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SBJ/January 23 - 29, 2006/Other News
MLB hoping Cuba can play in WBC
Published January 23, 2006
The news blackout of business announcements related to the upcoming World Baseball Classic can be boiled down to one word: Cuba.
Both Major League Baseball and the MLB Players Association are seeking to have the U.S. Treasury Department reverse a December ruling that barred Cuba, largely on economic grounds, from participating in the WBC. The reapplication earmarks Cuba’s share of WBC revenue for charity, most likely for Hurricane Katrina relief.
MLB executives said they are “guardedly optimistic” for a positive response in the coming days.
While the Cuba issue remains unresolved, an extensive series of WBC media and sponsorship deals remains under tight wraps. Among them are a much-discussed TV package with ESPN, a deal created after Fox passed on the WBC rights, and high-profile sponsorship deals with key MLB partners Taco Bell and MasterCard.
“That’s the issue in total. Without question,” MLB President Bob DuPuy said. “Until we get Cuba completely done, we’re not making any business announcements. But there are obviously many deals done and ready.”
Cincinnati-area produce distributor Robert Castellini became baseball’s third new owner in the last year as his purchase of a controlling interest of the Reds received unanimous approval last week from MLB owners during their meeting in Scottsdale, Ariz. The time needed to take the owners vote on Castellini, whose deal values the Reds at $270 million, was less than five minutes.
Castellini, 64, and minority partners Thomas and W. Joseph Williams Jr. were former shareholders of the St. Louis Cardinals and will sell that equity back to Cardinals Chairman Bill DeWitt Jr. before closing on the Reds transaction. The Williamses are part of the family that owned the Reds during their 1970s glory days and sold the club to Marge Schott in 1984. Castellini also formerly was an investor in the Texas Rangers.
“The Reds are a very important part of our community, and it’s very rare these things come up for sale,” Castellini said. “It was tough leaving [the Cardinals], but we’re coming into this with a tremendous amount of energy and passion.”
Castellini, joining recent ownership shifts in Tampa Bay, Milwaukee, and Los Angeles and Anaheim before that, continues a significant turnover in baseball’s leadership ranks. Further change is expected, as the Washington Nationals and Minnesota Twins are for sale, and Time Warner is actively considering a sale of the Atlanta Braves.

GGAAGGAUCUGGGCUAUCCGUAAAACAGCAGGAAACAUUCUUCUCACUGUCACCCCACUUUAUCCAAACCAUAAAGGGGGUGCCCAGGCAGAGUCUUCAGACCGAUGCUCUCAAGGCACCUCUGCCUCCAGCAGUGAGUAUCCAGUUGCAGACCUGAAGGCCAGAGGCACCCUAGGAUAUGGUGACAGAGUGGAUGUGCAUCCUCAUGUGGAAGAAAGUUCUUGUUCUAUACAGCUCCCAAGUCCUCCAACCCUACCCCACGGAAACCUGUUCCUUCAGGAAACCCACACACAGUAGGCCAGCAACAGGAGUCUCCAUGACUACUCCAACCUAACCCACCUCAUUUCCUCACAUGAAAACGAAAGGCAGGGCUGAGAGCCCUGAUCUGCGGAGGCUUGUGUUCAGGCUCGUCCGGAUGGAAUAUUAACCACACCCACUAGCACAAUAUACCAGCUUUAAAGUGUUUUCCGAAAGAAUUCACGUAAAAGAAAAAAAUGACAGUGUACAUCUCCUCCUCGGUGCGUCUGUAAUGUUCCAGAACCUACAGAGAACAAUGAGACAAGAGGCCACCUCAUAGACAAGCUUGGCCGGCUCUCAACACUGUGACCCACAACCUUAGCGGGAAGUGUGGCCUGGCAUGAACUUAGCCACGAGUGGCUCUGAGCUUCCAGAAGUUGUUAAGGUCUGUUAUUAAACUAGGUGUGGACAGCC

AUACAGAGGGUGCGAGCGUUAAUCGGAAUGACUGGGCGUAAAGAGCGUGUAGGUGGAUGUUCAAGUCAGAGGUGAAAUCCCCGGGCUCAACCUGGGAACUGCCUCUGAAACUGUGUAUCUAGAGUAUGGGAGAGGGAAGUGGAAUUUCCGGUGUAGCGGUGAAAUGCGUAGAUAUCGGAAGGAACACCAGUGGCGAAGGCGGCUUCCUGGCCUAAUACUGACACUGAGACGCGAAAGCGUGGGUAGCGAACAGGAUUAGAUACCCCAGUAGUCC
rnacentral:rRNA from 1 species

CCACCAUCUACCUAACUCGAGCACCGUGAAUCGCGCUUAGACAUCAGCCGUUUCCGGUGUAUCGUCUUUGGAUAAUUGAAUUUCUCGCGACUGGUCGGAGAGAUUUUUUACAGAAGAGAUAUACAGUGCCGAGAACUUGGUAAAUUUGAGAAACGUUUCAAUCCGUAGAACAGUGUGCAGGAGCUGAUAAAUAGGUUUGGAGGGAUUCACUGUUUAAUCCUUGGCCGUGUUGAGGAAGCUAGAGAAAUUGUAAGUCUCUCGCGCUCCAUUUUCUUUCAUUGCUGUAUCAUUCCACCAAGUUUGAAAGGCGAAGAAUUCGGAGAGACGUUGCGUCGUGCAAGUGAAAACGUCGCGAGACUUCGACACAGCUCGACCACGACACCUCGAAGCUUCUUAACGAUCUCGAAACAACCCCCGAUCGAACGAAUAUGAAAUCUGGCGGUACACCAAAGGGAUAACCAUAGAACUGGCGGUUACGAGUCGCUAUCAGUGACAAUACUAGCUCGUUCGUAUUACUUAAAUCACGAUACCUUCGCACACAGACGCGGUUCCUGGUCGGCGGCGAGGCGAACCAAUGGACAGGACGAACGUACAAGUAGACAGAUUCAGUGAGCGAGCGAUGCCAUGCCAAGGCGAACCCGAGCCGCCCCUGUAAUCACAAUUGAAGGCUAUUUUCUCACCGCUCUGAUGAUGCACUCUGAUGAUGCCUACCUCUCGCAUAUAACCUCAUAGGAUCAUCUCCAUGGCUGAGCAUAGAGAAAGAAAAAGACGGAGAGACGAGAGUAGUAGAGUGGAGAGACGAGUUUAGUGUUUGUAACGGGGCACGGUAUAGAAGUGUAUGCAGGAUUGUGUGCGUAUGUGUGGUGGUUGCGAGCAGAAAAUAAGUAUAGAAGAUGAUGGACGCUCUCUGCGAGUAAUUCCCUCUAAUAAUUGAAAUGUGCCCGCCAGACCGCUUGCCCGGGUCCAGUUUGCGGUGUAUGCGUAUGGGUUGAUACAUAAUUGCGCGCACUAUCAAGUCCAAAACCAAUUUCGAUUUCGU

As for Washington, Selig stopped short of saying he’s made his ownership choice for the MLB-controlled club, but only barely. The stadium lease dispute between MLB and the District of Columbia is now in mediation. If that matter is resolved in the next few weeks with a positive D.C. Council vote on the lease, as is the hope on both sides, MLB is prepared to move quickly on the Nationals.
“I’ve given this quite a lot of thought, and I’ve pretty much come to a conclusion on each group,” Selig said.
The leading suitors for the Nationals are a team of local businessmen Fred Malek and Jeffrey Zients, Maryland developers Mark and Ted Lerner, and Indianapolis communications executive Jeffrey Smulyan.
MASN-Comcast deal not imminent:
One of the hottest and most persistent rumors within baseball and Mid-Atlantic media circles in recent weeks has Baltimore Orioles owner Peter Angelos selling part of his majority stake of the Mid-Atlantic Sports Network to legal combatant Comcast Corp., which is refusing to carry the fledgling network on its cable systems.
The deal would serve to end a bitter dispute that has waged for nearly a year, but both sides insist the talk is without foundation. Rather, Angelos said he recently forwarded a new carriage proposal to Comcast executives and is making plans to start 24-hour programming for MASN in July. The network currently carries Washington Nationals games on DirecTV and several small cable operations, and Angelos plans to shift local Baltimore Orioles telecasts to the network in 2007.
“I’ve heard that rumor, too, but it’s not happening,” Angelos said. “We’ve sent them a new proposal to get on their distribution system and hope to hear back from them soon. But we’re not selling equity. That’s our asset.”
Baseball Channel on hold — again:
The oft-sliding timetable for the forthcoming Baseball Channel has moved again, this time to an indefinite date. MLB executives continue to wait for the rest of the TV picture to clarify before proceeding, but that situation is now even more muddled as Fox let the exclusive negotiating window for a new broadcast package lapse with the arrival of the new year. Fox’s six-year, $2.5 billion pact expires after the 2006 season, and MLB recently began talking to other networks, including NBC.
As a result, the previous plan of starting the in-house TV operation in time for Opening Day is not happening.